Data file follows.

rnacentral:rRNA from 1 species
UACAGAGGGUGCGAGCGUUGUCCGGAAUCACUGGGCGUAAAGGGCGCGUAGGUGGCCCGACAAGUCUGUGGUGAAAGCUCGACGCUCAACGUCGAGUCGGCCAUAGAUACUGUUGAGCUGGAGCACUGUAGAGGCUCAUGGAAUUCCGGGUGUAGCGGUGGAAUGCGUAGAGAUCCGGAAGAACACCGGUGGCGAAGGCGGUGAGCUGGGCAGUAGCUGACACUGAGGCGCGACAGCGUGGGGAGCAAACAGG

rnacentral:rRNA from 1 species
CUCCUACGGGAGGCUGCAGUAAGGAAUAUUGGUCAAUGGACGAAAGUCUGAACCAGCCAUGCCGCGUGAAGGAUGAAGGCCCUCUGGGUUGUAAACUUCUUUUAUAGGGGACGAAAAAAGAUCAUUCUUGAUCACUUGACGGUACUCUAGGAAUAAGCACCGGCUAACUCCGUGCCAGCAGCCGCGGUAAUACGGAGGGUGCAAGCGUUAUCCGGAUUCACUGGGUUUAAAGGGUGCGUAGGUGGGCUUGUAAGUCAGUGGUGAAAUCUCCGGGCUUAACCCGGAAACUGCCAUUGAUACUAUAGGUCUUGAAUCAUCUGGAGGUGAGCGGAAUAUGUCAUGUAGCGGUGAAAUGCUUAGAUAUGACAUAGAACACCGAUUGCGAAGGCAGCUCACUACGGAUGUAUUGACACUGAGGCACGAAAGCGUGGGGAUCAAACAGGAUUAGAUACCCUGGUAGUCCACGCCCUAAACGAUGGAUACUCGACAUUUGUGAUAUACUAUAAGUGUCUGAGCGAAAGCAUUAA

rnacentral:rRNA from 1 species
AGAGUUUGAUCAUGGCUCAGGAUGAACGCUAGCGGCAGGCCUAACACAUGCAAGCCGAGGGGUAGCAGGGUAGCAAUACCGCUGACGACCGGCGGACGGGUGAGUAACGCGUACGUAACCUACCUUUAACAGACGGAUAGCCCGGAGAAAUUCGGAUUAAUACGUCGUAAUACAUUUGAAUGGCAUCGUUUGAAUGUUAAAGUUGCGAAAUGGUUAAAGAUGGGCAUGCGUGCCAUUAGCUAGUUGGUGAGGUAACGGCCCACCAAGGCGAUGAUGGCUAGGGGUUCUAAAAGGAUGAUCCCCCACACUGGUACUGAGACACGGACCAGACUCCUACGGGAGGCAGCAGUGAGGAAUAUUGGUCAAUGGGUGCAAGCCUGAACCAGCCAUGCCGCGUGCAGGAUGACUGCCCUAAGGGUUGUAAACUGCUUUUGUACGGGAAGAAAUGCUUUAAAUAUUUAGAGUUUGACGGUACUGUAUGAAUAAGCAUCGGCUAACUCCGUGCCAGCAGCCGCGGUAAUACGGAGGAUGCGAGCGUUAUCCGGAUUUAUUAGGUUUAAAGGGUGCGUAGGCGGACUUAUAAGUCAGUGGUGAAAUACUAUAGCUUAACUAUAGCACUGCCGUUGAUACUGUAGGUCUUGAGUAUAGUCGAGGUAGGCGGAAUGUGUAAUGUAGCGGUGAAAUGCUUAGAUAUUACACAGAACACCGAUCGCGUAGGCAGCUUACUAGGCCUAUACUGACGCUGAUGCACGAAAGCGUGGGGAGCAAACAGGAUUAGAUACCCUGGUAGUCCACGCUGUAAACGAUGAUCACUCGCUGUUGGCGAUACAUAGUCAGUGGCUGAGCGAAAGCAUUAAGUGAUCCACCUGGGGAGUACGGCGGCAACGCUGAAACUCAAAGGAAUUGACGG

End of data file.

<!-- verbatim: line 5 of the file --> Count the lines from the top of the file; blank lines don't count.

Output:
rnacentral:rRNA from 1 species